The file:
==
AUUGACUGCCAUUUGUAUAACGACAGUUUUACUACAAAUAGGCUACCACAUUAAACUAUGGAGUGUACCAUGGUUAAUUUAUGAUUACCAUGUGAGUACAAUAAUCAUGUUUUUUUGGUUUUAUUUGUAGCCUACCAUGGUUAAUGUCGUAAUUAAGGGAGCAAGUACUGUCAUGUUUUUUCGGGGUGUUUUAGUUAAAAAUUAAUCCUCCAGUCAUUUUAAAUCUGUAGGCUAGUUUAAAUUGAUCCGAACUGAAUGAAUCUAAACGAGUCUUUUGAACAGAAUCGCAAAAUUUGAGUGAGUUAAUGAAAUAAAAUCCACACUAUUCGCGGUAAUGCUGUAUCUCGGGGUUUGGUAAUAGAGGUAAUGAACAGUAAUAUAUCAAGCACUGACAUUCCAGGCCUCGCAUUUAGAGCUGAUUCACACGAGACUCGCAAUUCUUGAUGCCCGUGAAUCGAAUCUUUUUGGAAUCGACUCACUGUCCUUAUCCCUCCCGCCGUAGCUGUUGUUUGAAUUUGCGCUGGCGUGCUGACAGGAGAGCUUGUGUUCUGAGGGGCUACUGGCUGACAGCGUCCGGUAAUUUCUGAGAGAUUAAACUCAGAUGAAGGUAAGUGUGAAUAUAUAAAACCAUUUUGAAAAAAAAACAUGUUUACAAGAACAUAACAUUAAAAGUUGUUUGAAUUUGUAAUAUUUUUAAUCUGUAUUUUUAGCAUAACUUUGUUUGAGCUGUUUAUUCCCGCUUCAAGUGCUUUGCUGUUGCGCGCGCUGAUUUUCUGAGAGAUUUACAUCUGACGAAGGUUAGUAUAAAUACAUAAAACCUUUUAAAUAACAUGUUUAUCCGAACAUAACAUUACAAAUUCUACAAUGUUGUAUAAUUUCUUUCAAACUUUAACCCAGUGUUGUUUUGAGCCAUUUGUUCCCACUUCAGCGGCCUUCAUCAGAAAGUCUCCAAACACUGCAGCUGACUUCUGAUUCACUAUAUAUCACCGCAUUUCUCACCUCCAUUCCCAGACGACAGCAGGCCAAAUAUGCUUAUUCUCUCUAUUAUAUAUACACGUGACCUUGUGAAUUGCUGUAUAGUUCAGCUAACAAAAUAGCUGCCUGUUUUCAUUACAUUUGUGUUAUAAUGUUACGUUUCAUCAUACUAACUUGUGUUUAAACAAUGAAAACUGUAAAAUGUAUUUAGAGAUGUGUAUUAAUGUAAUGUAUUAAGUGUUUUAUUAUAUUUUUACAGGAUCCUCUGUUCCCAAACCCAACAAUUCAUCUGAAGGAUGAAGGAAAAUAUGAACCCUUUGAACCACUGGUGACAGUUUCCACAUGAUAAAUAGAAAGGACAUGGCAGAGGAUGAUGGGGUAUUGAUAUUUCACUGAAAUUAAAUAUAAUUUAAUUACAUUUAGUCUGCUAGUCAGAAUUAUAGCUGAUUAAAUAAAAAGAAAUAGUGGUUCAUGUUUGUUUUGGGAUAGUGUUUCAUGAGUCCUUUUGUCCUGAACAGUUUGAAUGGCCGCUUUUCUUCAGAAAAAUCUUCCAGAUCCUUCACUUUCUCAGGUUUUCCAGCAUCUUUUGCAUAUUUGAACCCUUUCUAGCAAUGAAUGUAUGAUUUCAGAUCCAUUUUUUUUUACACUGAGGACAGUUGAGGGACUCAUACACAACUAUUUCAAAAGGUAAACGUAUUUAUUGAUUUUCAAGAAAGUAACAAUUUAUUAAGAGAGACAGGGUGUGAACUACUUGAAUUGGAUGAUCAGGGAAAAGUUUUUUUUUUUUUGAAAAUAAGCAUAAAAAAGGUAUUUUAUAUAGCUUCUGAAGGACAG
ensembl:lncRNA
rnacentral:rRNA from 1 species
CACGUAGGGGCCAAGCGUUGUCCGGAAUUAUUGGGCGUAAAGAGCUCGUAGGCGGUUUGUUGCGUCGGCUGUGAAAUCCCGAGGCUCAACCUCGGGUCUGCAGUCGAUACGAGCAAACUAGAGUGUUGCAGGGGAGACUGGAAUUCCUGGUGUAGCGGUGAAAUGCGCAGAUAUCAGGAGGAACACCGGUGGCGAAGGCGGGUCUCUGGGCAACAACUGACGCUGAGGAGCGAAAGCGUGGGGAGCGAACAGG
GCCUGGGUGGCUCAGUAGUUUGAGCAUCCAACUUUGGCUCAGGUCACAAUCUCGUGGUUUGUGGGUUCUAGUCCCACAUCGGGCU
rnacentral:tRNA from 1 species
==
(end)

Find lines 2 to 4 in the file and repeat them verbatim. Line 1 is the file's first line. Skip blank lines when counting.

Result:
ensembl:lncRNA
rnacentral:rRNA from 1 species
CACGUAGGGGCCAAGCGUUGUCCGGAAUUAUUGGGCGUAAAGAGCUCGUAGGCGGUUUGUUGCGUCGGCUGUGAAAUCCCGAGGCUCAACCUCGGGUCUGCAGUCGAUACGAGCAAACUAGAGUGUUGCAGGGGAGACUGGAAUUCCUGGUGUAGCGGUGAAAUGCGCAGAUAUCAGGAGGAACACCGGUGGCGAAGGCGGGUCUCUGGGCAACAACUGACGCUGAGGAGCGAAAGCGUGGGGAGCGAACAGG